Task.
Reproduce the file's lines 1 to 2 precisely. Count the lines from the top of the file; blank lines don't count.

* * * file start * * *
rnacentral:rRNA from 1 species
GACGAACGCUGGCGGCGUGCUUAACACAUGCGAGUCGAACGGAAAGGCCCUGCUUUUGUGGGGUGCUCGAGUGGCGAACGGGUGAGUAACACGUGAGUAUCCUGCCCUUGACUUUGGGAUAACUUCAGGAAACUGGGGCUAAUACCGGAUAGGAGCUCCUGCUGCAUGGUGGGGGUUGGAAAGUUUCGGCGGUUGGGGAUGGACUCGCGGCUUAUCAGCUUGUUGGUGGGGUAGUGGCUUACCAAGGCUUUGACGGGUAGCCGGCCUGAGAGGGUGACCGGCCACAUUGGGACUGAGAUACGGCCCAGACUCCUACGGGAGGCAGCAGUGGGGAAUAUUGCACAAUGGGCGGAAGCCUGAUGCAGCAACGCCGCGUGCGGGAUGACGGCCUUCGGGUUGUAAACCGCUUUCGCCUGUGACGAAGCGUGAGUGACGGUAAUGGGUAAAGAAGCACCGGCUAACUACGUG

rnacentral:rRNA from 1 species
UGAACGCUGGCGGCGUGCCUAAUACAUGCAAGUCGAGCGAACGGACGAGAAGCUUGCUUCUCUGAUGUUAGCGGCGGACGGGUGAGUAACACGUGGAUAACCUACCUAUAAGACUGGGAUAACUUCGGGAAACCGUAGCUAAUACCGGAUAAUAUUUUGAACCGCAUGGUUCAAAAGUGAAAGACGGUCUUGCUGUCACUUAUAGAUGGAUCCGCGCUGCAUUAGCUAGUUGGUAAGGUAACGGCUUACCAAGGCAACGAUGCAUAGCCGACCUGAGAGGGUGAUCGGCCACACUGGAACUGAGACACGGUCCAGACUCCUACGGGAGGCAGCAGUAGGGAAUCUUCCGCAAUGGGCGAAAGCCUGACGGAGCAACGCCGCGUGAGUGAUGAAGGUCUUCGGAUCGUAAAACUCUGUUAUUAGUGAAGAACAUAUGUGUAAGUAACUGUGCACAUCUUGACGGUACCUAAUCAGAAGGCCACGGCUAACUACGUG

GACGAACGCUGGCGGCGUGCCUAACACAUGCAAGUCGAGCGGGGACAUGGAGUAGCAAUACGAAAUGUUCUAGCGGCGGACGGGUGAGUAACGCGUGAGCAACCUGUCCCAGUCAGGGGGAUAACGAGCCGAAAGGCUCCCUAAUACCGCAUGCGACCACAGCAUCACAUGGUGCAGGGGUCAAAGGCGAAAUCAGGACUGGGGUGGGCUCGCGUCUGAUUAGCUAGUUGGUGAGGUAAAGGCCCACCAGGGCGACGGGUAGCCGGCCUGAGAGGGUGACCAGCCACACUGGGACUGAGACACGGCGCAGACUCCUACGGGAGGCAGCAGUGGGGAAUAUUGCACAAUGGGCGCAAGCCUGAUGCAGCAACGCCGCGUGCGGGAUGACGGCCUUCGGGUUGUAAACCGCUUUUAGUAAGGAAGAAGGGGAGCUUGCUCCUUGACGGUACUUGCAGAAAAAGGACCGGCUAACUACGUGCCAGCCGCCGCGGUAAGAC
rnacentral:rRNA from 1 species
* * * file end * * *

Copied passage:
rnacentral:rRNA from 1 species
GACGAACGCUGGCGGCGUGCUUAACACAUGCGAGUCGAACGGAAAGGCCCUGCUUUUGUGGGGUGCUCGAGUGGCGAACGGGUGAGUAACACGUGAGUAUCCUGCCCUUGACUUUGGGAUAACUUCAGGAAACUGGGGCUAAUACCGGAUAGGAGCUCCUGCUGCAUGGUGGGGGUUGGAAAGUUUCGGCGGUUGGGGAUGGACUCGCGGCUUAUCAGCUUGUUGGUGGGGUAGUGGCUUACCAAGGCUUUGACGGGUAGCCGGCCUGAGAGGGUGACCGGCCACAUUGGGACUGAGAUACGGCCCAGACUCCUACGGGAGGCAGCAGUGGGGAAUAUUGCACAAUGGGCGGAAGCCUGAUGCAGCAACGCCGCGUGCGGGAUGACGGCCUUCGGGUUGUAAACCGCUUUCGCCUGUGACGAAGCGUGAGUGACGGUAAUGGGUAAAGAAGCACCGGCUAACUACGUG